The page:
Regardless of the fate of these specific proposals, effective January 1, 2026, under current law, the estate tax exemption will be reduced to $5 million per person or $10 million for a married couple – subject to inflation increases. Currently, each U.S. citizen has a $10 million exemption from estate taxes, and for a married couple, that amount is doubled. As the exemption is indexed for inflation, in 2022, the exemption is $12.06 million per person. Persons whose estates may be subject to estate tax under the projected 2026 exemption levels should consult with legal counsel and advisors to review their current estate plans and evaluate possible strategies for preserving their wealth and planning for future generations.
Qualified Business Income (QBI) Deduction
The IRS defines Qualified Business Income (QBI) as the net amount of qualified income, gains, deductions, and loss from any qualified trade or business, including income from partnerships, S corporations, sole proprietorships, and certain trusts. The Tax Cuts and Jobs Act introduced a new deduction taking effect in 2018 for noncorporate taxpayers in respect of their qualified business income. This deduction is up to 20% of their QBI, plus 20% of qualified real estate investment trust (REIT) dividends and qualified publicly traded partnership (PTP) income. Income earned by a C corporation or from providing services as an employee is not eligible for the deduction.
Prior to the TCJA, the corporate income tax rate was 35%, and dividends were taxed at a top rate of 23.8%, resulting in an aggregate tax rate of about 50% on distributed corporate business income. Contrast this to a pass-through entity, for which earnings are passed through and taxed in the hands of the owners. Before 2018 the top ordinary income tax rate was 39.6%, and thus, there was an approximate 10% tax rate advantage operating a pass-through entity rather than a corporation. The TCJA included a permanent reduction to the corporate tax rate from 35% to 21% and reduced the top individual rate to 37%. Without any further changes, the tax rate advantage in operating a business as a pass-through entity would have decreased from roughly 10% to less than 3%. The 20% QBI deduction was the TCJA’s answer, as only 80% of certain pass-through entity income is subject to tax for qualifying taxpayers.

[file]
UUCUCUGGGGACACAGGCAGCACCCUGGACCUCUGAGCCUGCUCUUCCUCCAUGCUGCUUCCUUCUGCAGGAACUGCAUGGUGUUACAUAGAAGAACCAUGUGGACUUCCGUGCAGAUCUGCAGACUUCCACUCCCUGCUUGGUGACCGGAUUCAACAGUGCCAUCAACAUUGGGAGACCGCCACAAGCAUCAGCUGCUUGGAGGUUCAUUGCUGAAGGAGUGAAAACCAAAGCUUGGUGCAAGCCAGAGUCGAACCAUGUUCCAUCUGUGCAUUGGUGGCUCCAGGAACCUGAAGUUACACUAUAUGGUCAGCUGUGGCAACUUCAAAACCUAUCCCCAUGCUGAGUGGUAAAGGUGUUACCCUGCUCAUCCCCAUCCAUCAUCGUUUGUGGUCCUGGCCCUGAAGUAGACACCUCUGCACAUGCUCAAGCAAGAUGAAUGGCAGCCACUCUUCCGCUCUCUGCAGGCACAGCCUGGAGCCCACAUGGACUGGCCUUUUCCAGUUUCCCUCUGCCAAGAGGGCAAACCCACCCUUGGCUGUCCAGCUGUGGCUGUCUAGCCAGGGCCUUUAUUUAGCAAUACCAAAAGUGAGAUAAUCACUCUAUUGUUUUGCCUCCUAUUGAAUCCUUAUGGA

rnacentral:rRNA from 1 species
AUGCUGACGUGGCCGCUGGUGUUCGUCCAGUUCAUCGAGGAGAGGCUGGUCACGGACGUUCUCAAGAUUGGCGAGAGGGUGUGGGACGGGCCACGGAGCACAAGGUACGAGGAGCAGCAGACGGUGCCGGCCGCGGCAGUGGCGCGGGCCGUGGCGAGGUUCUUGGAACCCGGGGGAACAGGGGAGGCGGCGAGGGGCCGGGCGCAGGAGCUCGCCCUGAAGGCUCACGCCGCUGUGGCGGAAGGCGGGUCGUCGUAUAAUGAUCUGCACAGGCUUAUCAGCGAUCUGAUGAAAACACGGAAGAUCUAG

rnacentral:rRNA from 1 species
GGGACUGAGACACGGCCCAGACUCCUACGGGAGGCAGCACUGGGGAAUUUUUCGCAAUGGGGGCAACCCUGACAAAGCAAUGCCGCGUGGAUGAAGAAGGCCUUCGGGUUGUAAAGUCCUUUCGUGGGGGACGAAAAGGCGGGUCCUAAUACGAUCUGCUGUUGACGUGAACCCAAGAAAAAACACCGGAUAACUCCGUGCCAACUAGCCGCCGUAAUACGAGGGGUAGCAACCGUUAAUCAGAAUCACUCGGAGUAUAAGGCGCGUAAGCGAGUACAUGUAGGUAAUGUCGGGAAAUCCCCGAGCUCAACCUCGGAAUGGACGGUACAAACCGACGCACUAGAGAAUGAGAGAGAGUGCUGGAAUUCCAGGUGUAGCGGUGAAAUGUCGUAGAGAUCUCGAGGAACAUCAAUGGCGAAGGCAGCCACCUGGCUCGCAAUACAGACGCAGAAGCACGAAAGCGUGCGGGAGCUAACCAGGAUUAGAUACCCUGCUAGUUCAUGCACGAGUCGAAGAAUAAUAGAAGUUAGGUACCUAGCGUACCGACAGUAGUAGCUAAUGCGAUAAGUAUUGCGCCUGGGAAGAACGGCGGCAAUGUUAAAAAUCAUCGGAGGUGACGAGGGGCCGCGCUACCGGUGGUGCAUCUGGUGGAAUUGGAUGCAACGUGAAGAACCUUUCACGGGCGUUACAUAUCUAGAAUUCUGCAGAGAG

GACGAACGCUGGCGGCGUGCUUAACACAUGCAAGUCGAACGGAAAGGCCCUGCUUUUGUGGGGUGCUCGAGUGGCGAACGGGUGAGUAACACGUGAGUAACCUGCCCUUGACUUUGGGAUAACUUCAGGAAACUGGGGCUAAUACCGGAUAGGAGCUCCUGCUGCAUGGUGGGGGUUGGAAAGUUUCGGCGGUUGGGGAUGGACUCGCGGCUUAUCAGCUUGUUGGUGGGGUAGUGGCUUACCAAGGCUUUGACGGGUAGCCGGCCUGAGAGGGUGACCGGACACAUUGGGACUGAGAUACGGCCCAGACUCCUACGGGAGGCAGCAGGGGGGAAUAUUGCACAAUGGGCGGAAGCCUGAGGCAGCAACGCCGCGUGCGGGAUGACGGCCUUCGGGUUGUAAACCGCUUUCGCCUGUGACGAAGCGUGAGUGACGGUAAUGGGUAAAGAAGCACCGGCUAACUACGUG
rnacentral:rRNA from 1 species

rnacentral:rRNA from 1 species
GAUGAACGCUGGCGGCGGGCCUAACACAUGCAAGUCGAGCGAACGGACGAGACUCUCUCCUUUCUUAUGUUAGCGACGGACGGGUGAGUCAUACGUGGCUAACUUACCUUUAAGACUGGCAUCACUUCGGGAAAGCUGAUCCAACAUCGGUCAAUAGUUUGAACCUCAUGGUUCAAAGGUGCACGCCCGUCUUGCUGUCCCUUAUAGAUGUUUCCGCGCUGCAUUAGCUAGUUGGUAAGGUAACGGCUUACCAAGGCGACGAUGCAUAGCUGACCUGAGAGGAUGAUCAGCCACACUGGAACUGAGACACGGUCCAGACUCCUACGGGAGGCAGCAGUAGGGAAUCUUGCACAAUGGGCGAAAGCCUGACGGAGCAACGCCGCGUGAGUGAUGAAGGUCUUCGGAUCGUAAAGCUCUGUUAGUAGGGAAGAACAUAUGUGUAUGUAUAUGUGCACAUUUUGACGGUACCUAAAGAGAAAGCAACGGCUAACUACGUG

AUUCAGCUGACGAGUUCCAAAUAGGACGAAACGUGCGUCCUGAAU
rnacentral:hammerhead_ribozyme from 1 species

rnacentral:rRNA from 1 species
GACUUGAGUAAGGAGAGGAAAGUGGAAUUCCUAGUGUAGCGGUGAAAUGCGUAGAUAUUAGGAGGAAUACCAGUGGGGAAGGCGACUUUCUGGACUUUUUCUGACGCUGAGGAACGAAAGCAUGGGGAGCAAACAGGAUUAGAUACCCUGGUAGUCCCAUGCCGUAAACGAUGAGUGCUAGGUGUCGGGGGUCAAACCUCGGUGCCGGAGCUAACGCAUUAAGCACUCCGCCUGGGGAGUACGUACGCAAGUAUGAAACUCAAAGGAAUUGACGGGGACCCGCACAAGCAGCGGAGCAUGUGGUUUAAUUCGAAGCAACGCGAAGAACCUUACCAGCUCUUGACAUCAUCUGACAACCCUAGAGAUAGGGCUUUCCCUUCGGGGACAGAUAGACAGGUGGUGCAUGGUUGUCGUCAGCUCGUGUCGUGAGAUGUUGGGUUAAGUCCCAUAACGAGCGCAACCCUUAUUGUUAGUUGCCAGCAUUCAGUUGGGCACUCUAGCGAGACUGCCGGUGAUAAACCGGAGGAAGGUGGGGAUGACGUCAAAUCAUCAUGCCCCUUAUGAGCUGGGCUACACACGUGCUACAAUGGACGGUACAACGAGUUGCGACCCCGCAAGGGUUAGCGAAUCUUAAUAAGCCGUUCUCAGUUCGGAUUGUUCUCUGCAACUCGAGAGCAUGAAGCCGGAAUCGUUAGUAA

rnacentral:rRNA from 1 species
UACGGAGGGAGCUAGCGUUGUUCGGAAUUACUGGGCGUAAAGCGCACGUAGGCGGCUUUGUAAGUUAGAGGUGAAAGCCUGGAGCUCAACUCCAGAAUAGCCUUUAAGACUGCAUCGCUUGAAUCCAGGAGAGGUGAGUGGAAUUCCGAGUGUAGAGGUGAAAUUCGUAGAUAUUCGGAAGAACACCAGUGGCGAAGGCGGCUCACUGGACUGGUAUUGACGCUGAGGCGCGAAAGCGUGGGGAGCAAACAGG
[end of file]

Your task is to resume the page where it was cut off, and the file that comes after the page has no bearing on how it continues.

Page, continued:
With the control of Congress up in the air and general gridlock in Washington, it is uncertain if the 20% QBI deduction will be a tax advantage for much longer, as the deduction would ultimately expire if the TCJA is not extended past 2025.
Voters are weighing many different policy questions at the ballot box this November, and the election results will set the stage for determining which major concerns are addressed first, as well as determine which tax priorities Democratic and Republican lawmakers will pursue over the subsequent few congressional sessions. The topics mentioned above highlight some of the most important individual, estate, and business owner tax implications that family business owners need to be aware of and evaluate as the election returns roll in.